Countries that have implemented the stringency are now able to defend themselves better


EU data on growth confirm that the economic damage of the virus will be less for the countries that had curbed their debts - For Germany, Holland, Switzerland, GDP falls are expected to be less pronounced in the current year than in Italy, Spain, France

Countries that have implemented the stringency are now able to defend themselves better

Countries that have implemented the stringency are now able to defend themselves better

The new economic growth forecasts made known in recent days by the European Commission have been taken up by the majority of the media in their general aspects. But few of the media have analysed in detail the marked differences between the various EU countries and the possible reasons for these. Yet, looking at the data, it immediately catches the eye that the countries that support the rigor in public finances are once again the ones that hold up best - and that, in this case, they are more likely to limit the economic damage caused by the coronavirus. Countries that in fact have not given priority in the past to curb deficits and public debt confirm their presence in the lower part of the ranking on growth instead.

Austria and Scandinavia

Overall, the Commission worsened the forecasts for 2020 and 2021 compared to what it had indicated in May. For the Gross Domestic Product (GDP) of the European Union of 27, Brussels now indicates a -8.3% for 2020 and a + 5.8% for 2021; for the Eurozone GDP at 19, the forecast is -8.7% for this year and + 6.1% for the next. Having said that, the differences between the various countries are not secondary, especially as regards the fall in economic growth forecast for this year. Given that public indebtedness will increase in 2020 for all, given the huge anti-virus economic plans, there are however countries that until the end of 2019 have limited deficits and debts and others that have not done so and that now register a more marked increase in the burden.

Let's see what the growth forecasts are for 2020, for some of the countries of rigor. The Commission plans for Germany -6.3%, for Finland as well. As for the four so-called frugal countries, which oppose part of the concessions to highly indebted countries that are materializing by the EU, this is the situation: Holland -6.8%, Austria -7.1%, Denmark - 5.2%, Sweden -5.3%. As you can see, they are all significant contractions of GDP - due to the virus - but still significantly lower than the EU and Eurozone averages. Outside the EU, Switzerland, which has a low public debt, with a -6.2% (SECO forecast for June) is in fact in the same category.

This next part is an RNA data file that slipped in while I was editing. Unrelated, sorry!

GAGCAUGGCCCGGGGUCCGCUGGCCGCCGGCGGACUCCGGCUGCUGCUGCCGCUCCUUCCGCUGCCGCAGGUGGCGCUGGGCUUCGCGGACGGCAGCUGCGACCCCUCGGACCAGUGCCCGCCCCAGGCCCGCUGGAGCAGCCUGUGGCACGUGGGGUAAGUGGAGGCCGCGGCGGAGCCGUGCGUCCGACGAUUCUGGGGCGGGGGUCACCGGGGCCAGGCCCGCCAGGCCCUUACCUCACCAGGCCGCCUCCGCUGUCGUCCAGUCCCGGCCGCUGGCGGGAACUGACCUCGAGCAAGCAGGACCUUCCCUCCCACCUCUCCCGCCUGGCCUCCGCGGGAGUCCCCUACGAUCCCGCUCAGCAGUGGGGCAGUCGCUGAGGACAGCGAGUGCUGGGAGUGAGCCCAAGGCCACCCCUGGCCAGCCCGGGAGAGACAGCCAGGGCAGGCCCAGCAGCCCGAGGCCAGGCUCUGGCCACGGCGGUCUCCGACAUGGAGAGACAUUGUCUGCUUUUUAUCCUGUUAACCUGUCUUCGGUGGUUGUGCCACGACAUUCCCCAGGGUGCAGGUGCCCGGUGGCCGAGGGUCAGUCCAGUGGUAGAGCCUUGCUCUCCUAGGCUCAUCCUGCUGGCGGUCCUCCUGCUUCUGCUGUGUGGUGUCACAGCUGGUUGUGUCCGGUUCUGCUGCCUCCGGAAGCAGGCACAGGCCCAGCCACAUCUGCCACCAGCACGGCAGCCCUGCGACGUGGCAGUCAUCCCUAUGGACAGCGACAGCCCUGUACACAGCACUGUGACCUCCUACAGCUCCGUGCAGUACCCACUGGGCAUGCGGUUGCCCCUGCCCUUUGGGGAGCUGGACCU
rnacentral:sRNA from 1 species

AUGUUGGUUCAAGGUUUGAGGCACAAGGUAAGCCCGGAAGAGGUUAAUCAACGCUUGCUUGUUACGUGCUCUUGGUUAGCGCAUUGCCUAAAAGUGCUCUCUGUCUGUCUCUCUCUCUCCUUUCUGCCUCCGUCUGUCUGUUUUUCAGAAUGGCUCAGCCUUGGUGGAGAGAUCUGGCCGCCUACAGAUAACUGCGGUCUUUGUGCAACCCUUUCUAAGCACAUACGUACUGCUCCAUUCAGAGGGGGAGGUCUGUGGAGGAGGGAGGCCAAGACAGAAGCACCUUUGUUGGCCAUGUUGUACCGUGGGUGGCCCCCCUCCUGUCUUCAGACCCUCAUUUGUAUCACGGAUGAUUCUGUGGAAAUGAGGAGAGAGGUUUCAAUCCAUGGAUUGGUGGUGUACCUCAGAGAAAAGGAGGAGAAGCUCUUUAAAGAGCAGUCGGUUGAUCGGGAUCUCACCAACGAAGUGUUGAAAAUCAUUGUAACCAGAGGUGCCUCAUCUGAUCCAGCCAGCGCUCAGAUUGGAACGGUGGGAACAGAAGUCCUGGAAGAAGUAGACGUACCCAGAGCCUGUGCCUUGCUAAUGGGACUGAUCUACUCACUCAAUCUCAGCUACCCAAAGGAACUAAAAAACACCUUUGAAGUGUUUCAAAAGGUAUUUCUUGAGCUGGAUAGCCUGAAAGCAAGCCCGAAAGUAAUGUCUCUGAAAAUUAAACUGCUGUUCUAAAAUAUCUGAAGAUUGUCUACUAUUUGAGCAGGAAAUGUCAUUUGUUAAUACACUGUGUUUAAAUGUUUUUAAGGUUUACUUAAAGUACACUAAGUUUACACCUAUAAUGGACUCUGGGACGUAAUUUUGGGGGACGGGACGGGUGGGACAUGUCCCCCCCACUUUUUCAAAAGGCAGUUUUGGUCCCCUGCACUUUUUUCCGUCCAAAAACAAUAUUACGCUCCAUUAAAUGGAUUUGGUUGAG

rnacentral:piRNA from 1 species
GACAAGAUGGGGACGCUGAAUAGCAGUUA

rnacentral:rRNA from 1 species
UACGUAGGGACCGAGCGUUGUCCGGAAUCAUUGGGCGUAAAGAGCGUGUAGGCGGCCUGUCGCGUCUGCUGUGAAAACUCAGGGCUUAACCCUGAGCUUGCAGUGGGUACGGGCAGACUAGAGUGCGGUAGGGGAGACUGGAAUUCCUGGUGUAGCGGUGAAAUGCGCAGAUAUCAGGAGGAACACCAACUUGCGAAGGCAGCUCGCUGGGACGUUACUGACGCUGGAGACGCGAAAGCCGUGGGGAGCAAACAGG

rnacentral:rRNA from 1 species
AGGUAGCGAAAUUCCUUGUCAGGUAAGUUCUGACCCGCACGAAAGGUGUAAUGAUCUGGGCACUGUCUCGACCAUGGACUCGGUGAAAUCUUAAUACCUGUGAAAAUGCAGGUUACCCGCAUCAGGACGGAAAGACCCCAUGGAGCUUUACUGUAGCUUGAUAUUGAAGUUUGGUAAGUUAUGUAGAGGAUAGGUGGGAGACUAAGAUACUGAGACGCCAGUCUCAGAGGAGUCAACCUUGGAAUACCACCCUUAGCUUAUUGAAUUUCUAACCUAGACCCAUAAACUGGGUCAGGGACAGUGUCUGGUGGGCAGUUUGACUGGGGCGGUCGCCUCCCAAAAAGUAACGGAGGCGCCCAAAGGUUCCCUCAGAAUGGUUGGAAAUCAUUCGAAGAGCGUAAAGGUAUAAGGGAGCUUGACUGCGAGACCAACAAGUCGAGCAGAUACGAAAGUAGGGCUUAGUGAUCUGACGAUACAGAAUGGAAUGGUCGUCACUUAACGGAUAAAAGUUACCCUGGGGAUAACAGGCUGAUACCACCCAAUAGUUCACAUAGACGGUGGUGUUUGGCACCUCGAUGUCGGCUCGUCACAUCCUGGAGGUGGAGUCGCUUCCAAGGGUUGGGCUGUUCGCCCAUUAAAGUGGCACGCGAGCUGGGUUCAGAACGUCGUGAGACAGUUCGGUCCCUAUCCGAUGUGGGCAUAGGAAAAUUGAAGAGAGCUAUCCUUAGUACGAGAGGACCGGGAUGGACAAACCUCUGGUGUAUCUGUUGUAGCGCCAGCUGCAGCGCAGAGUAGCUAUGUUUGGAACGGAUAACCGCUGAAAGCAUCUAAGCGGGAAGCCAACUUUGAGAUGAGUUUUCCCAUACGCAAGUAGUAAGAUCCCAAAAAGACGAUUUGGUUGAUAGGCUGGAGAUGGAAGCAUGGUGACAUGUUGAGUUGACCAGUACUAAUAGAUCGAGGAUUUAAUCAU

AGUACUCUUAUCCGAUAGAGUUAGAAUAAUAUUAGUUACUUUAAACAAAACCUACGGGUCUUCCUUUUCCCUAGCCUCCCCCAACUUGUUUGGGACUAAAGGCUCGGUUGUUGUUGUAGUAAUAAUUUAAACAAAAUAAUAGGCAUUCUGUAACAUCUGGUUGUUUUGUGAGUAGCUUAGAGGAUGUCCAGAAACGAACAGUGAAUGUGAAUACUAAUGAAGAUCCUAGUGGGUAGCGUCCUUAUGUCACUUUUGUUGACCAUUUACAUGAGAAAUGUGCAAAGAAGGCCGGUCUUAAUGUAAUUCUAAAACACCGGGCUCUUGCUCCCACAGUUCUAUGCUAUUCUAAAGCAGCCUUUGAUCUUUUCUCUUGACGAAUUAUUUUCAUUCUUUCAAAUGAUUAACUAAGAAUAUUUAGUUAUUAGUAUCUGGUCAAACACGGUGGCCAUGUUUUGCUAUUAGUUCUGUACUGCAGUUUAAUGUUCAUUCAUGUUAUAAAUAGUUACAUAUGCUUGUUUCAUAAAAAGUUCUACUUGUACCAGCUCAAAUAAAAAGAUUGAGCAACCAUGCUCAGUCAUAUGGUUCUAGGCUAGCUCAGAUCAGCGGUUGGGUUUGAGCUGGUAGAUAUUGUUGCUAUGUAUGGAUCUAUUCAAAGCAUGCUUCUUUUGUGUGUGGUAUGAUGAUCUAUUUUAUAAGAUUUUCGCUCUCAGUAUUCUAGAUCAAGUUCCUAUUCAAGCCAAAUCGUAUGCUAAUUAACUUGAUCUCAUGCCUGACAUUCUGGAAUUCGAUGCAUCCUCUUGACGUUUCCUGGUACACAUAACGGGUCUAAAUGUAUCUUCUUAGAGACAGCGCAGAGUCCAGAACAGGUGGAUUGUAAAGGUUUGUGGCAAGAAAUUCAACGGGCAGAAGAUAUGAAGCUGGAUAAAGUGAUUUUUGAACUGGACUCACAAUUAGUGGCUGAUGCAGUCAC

Countries that have implemented the stringency are now able to defend themselves better

Portugal and Greece

Significantly larger falls in GDP in 2020 are instead expected for countries that have clearly higher public debt. Among these, Italy with -11.2%, Spain with -10.9%, France with -10.6%, Portugal with -9.8%, Greece with -9 %. In all these cases, these are contractions of GDP clearly above the EU and Eurozone averages. As for countries outside the EU, it can be seen that in June the OECD forecast for the United Kingdom in -11.5 %% (-9.1% for the Eurozone) and the IMF forecasts for the same country a -10.2% (same percentage for the Eurozone). The UK, which also sees Brexit uncertainties added to the effects of the virus, has higher public debt than the EU average.

The EU Commission expects, like all major international institutions, a clear rise in economies in 2021, always assuming that there is no broad return of the coronavirus. An elaboration of the economic newspaper "Il Sole 24 Ore" on the Commission's data shows how much the various economies of the Eurozone will remain below the level of 2019 at the end of 2021. Taking the forecasts for the fall 2020 and the rebound 2021 and assuming that the GDP 2019 is equal to 100, Germany is 98.7, Austria 98.1, Holland 97.5, Finland 96.3. Only the latter, among the countries of rigor, is below the Eurozone average, indicated at 96.9. Here is the situation of some of the most indebted countries: Italy 94.2, Spain 95.2, Portugal 95.7, France 96.2, Greece 96.5; they are all below the Eurozone average.

Past and future

We'll see if the forecasts turn out to be spot on. Meanwhile, it must be said that the data of these months are in fact confirming the best hold of many of the countries of rigor. The economic effects of the virus are in practice accentuating what has already been seen previously. In other words, expanding public deficits and public debt in the long run slows down the economy, because interest on high debt takes resources away from growth and because highly indebted countries attract less productive investments, both domestic and foreign. This year the increase in public debt was made inevitable by the virus (even for the countries of rigor, but these had precisely put hay on the farm in the past). The data say that when the emergency is over.

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Ultime notizie: OnTheSpot
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